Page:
Our Privacy/Cookie Policy contains detailed information about the types of cookies & related technology on our site, and some ways to opt out. By using the site, you agree to the uses of cookies and other technology as outlined in our Policy, and to our Terms of Use.


About MRSA Staph Infections in Dogs

| Updated September 26, 2017

Animals can carry and transmit strains of methicillin-resistant Staphylococcus aureus, but they are rarely the original source of the pathogen. Dogs can become reservoirs for the bacteria and may even develop active infections, although most canine cases are thought to come from humans. The disease rarely spreads between people and animals, although the potentially deadly consequences warrant taking precautions to prevent transmission.

MRSA Occurence in Dogs

Staphylococcus bacteria are widespread in human populations worldwide, so pets encounter the pathogen during routine activities. Between 25 and 40 percent of people are carriers of the bacteria, although most of them do not develop an infection, according to the American Veterinary Medical Association. The bacteria lives harmlessly on the skin of most carriers, and only establish an infection if it enters through an open wound. Staph bacteria, including resistant strains, can colonize dogs, cats and other animals after contact with a human carrying the germs.

Identifying Staph Infection

Staph infections can create visible symptoms at the site of infection, or penetrate the body through the bloodstream and cause more widespread clinical signs. Superficial infections often appear as a red bump or swelling, similar to an insect bite, according to Oklahoma Cooperative Extension. An infected dog also may have trouble breathing or walking if the pathogen infiltrates joints or internal organs. Check your dog for cuts, scrapes and other open wounds several times a week. Keep an eye on any injuries and be ready to head to the vet if you notice swelling, reddened skin or other signs of infection.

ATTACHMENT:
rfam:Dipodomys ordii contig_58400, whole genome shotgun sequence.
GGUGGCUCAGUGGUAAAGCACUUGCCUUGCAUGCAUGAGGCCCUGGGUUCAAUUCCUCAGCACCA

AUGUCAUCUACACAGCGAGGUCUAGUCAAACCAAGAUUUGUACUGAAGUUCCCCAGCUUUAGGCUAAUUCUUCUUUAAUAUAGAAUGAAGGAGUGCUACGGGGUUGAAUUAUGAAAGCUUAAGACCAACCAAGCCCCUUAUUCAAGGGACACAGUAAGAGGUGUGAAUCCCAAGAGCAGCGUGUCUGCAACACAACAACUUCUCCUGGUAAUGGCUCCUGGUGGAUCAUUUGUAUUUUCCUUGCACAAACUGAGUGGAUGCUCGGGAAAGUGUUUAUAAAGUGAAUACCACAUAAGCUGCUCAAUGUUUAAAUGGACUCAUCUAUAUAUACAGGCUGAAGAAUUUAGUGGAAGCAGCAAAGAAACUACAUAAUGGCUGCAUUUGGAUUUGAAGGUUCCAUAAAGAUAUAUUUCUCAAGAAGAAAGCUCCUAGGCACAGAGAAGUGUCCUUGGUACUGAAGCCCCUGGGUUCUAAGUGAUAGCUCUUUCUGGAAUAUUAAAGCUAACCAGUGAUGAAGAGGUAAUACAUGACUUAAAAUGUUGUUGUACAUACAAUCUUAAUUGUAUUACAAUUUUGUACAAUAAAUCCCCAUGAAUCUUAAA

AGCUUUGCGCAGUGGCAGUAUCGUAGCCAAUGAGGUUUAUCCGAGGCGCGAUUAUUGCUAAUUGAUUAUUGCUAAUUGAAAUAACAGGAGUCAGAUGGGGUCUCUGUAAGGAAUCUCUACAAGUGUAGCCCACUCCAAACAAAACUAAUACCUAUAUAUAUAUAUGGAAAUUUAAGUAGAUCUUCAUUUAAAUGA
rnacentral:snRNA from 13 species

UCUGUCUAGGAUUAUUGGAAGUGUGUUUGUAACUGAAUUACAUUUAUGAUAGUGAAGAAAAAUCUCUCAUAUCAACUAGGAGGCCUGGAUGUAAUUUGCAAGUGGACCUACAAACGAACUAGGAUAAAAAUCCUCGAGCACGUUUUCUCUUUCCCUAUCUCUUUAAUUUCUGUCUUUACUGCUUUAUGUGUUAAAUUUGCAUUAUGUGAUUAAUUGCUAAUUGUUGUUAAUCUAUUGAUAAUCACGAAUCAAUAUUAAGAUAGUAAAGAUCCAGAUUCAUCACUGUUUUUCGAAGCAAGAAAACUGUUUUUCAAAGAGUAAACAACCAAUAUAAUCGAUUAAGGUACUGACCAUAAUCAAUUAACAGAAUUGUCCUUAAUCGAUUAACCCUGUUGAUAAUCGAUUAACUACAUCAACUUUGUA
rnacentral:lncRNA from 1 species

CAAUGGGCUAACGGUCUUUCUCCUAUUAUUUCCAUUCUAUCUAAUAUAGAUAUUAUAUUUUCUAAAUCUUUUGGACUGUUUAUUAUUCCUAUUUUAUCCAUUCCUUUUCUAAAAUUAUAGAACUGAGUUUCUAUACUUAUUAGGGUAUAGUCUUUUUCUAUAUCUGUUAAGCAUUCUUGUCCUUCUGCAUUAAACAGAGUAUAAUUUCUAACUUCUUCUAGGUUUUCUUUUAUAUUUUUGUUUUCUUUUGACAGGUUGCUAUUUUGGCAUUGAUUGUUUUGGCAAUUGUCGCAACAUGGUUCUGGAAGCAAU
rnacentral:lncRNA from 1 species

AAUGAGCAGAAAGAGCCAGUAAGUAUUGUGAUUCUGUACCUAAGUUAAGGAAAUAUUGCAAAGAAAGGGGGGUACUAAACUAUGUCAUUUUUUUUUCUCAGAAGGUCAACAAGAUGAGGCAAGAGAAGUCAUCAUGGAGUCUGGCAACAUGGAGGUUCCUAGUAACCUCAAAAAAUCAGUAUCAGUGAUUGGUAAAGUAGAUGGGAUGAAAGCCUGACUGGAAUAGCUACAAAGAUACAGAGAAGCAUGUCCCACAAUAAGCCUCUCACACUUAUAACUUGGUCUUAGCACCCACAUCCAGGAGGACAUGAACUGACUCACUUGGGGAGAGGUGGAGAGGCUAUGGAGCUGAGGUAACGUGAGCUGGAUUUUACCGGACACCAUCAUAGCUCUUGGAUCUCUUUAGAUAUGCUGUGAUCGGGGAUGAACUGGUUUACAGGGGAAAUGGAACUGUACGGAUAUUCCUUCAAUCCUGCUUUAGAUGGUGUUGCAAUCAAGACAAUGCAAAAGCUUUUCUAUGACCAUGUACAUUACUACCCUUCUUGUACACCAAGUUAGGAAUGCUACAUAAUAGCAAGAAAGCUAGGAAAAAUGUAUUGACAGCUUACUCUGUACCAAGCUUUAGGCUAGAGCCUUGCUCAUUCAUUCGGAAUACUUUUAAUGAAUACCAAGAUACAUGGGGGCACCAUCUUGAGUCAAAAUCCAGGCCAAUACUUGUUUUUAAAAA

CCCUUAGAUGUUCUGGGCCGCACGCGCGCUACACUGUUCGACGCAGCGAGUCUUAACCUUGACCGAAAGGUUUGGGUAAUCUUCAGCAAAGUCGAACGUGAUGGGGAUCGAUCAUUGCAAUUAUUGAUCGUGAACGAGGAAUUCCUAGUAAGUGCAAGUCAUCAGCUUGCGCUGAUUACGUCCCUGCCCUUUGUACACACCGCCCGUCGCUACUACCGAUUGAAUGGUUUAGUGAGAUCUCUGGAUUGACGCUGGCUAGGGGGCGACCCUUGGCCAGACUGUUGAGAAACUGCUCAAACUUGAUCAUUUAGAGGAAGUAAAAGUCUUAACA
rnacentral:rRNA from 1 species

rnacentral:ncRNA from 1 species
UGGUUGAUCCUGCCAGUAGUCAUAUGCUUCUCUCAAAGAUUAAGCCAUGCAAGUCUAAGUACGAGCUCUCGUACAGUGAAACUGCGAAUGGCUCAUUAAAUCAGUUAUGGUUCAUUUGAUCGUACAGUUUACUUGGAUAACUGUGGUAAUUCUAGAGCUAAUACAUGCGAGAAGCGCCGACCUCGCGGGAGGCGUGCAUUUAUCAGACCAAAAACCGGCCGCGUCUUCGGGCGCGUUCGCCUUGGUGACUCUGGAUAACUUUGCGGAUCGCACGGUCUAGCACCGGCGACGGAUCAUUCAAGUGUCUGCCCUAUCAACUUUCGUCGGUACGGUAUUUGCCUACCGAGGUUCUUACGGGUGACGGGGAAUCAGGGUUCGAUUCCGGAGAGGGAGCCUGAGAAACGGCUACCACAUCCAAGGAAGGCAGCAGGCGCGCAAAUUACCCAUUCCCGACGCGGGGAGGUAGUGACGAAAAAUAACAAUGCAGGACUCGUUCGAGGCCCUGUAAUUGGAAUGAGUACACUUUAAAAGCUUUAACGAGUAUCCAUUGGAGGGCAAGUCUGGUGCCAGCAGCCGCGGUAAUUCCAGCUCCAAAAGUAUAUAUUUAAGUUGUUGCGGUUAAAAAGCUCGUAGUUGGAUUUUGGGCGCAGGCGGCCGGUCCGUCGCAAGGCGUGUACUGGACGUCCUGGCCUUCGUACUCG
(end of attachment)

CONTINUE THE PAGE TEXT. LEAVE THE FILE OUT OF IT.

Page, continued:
Diagnosing Resistant Strains

MRSA produces identical symptoms to normal staph infections, so lab tests are required for a definitive diagnosis. They are essentially the same disease, although the resistant strains are much harder to treat. If your vet believes that your pet is suffering from a staph infection, he will take a sample culture and test it for resistance. Resistant strains of staph may be immune to one or more common antibiotics, including penicillin, cephalosporin and methicillin. This can make treatment more complex and expensive, and requires you to take extra steps to protect yourself at home.

Treating Infections

When faced with a resistant strain of staph, your vet may attempt to determine the specific antibiotics that the bacteria is resistant to. Not every strain of MRSA is immune to all common antibiotics, so it's possible to find a weakness in their defenses through lab tests. Antiseptic shampoo and surgical removal of infected tissue are also viable treatment options, depending on the individual case. Continue to administer any medication as instructed by the veterinarian even if your dog appears to be recovered before the course is complete.

Preventing Transmission

If your vet determines that your pet is carrying or infected with MRSA, you should isolate him from family and other pets. Wear disposable gloves when handling your pup and clean all surfaces regularly with a disinfectant, such as a diluted bleach solution. Wash all cloth material, toys and bedding that your dog had access to during the treatment. Use hot water and dry them on high temperature to kill lingering bacteria.